Sunday, 6 June 2010

Saint Edward the Martyr

Edward the Martyr (Old English: Eadweard) (c. 962 – 18 March 978), was king of the English from 975 until he was murdered in 978. Edward was the eldest son of King Edgar, but not his father's acknowledged heir. On Edgar's death, the leadership of the England was divided, some supporting Edward's claim to be king and others supporting his much younger half-brother Æthelred the Unready. Edward was chosen as king and was crowned by his main clerical supporters, Archbishops Dunstan and Oswald of Worcester.
Edward's short reign was brought to an end by his murder at Corfe Castle in circumstances which are not altogether clear. His murder is recorded in the Anglo-Saxon Chronicle: No worse deed for the English race was done than this was, since they first sought out the land of Britain. Men murdered him, but God exalted him. In life he was an earthly king; after death he is now a heavenly saint. His earthly relatives would not avenge him, but his Heavenly Father has much avenged him.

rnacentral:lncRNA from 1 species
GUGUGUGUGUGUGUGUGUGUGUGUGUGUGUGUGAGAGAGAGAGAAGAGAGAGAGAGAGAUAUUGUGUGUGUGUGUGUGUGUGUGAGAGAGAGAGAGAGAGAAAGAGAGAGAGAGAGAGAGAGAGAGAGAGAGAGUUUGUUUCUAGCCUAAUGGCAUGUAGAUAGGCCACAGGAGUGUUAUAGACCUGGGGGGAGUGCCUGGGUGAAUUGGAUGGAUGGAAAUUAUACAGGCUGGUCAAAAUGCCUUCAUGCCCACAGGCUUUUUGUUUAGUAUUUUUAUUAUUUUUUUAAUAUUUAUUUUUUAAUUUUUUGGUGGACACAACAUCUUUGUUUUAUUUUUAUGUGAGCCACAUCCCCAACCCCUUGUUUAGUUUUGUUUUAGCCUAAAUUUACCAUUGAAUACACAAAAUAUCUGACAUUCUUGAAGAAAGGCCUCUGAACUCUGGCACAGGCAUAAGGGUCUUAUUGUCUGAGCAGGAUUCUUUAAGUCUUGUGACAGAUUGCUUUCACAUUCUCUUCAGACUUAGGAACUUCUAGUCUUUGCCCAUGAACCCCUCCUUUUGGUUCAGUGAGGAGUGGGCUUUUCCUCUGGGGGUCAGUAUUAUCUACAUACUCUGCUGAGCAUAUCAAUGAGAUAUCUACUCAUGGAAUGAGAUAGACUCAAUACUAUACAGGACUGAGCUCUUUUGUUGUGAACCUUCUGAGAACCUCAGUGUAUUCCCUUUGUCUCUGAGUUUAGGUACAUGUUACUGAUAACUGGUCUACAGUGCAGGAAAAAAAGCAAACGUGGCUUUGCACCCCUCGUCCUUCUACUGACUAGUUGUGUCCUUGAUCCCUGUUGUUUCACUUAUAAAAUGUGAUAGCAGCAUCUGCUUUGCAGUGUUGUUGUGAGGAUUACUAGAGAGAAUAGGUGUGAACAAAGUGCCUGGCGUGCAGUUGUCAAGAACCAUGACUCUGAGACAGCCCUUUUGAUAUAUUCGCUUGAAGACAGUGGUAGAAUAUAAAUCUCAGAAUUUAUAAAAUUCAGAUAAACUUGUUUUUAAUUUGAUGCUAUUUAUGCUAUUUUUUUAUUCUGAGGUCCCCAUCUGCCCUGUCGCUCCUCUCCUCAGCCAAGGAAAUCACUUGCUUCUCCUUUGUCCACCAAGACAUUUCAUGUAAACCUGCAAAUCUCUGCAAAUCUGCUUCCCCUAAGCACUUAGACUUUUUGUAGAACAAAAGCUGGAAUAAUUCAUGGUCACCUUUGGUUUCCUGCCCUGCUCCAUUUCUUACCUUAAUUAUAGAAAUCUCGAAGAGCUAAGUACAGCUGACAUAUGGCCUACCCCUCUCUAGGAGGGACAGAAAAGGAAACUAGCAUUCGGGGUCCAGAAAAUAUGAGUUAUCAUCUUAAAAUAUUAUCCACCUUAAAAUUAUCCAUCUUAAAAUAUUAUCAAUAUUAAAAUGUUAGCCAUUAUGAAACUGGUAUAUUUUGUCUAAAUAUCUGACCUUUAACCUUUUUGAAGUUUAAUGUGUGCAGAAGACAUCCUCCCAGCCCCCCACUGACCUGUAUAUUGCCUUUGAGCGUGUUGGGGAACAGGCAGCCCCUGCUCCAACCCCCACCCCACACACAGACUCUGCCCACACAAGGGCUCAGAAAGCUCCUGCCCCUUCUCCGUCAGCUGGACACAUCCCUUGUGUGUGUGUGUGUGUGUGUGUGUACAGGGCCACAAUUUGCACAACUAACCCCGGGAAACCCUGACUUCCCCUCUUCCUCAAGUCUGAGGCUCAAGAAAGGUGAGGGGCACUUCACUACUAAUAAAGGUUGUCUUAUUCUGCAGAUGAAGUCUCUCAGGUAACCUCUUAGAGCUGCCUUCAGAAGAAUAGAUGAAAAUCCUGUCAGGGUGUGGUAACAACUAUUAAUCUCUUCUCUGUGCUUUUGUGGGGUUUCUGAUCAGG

Edward's body lay at Wareham for a year before being disinterred. This was initiated by Ælfhere, perhaps as a gesture of reconciliation. According to the life of Oswald, Edward's body was found to be incorrupt when it was disinterred. The body was taken to the Shaftesbury Abbey, a nunnery with royal connections which had been endowed by King Alfred the Great and where Edward and Æthelred's grandmother Ælfgifu had spent her latter years. Edward's remains were reburied with lavish public ceremony. In 1001, Edward's relics, for by now he was reckoned a saint, were translated to a more prominent place within the nunnery at Shaftesbury. A 13th century calendar of saints gives the date of this translation as 20 June.